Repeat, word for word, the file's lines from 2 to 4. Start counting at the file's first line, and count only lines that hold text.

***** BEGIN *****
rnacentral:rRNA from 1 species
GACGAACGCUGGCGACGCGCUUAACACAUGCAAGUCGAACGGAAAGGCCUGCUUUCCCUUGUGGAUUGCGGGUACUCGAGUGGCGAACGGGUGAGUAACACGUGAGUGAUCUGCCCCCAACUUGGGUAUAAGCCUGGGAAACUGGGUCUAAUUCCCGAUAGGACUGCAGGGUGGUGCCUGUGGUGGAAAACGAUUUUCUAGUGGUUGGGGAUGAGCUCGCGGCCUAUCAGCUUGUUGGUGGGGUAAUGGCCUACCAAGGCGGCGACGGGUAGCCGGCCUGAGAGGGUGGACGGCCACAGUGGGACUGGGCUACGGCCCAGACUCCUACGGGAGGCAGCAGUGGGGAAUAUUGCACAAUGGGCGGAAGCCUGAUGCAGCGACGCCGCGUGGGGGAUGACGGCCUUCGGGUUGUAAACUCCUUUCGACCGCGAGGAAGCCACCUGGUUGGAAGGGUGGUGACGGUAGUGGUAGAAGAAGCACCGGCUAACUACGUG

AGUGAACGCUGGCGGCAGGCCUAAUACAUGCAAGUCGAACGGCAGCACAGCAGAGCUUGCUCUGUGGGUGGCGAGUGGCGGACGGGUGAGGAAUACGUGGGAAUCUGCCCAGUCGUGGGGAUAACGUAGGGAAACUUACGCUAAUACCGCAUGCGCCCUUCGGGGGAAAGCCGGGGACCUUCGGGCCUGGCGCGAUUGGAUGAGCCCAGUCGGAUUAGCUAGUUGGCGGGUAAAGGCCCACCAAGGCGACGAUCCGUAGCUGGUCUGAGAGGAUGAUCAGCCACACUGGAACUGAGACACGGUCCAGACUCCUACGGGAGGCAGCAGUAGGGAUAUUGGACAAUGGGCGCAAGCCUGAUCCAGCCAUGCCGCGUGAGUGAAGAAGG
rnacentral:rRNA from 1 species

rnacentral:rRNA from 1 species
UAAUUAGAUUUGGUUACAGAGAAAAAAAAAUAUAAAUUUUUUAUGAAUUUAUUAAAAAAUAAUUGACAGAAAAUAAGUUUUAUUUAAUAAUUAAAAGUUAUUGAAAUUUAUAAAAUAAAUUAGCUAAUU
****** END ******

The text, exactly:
GACGAACGCUGGCGACGCGCUUAACACAUGCAAGUCGAACGGAAAGGCCUGCUUUCCCUUGUGGAUUGCGGGUACUCGAGUGGCGAACGGGUGAGUAACACGUGAGUGAUCUGCCCCCAACUUGGGUAUAAGCCUGGGAAACUGGGUCUAAUUCCCGAUAGGACUGCAGGGUGGUGCCUGUGGUGGAAAACGAUUUUCUAGUGGUUGGGGAUGAGCUCGCGGCCUAUCAGCUUGUUGGUGGGGUAAUGGCCUACCAAGGCGGCGACGGGUAGCCGGCCUGAGAGGGUGGACGGCCACAGUGGGACUGGGCUACGGCCCAGACUCCUACGGGAGGCAGCAGUGGGGAAUAUUGCACAAUGGGCGGAAGCCUGAUGCAGCGACGCCGCGUGGGGGAUGACGGCCUUCGGGUUGUAAACUCCUUUCGACCGCGAGGAAGCCACCUGGUUGGAAGGGUGGUGACGGUAGUGGUAGAAGAAGCACCGGCUAACUACGUG

AGUGAACGCUGGCGGCAGGCCUAAUACAUGCAAGUCGAACGGCAGCACAGCAGAGCUUGCUCUGUGGGUGGCGAGUGGCGGACGGGUGAGGAAUACGUGGGAAUCUGCCCAGUCGUGGGGAUAACGUAGGGAAACUUACGCUAAUACCGCAUGCGCCCUUCGGGGGAAAGCCGGGGACCUUCGGGCCUGGCGCGAUUGGAUGAGCCCAGUCGGAUUAGCUAGUUGGCGGGUAAAGGCCCACCAAGGCGACGAUCCGUAGCUGGUCUGAGAGGAUGAUCAGCCACACUGGAACUGAGACACGGUCCAGACUCCUACGGGAGGCAGCAGUAGGGAUAUUGGACAAUGGGCGCAAGCCUGAUCCAGCCAUGCCGCGUGAGUGAAGAAGG
rnacentral:rRNA from 1 species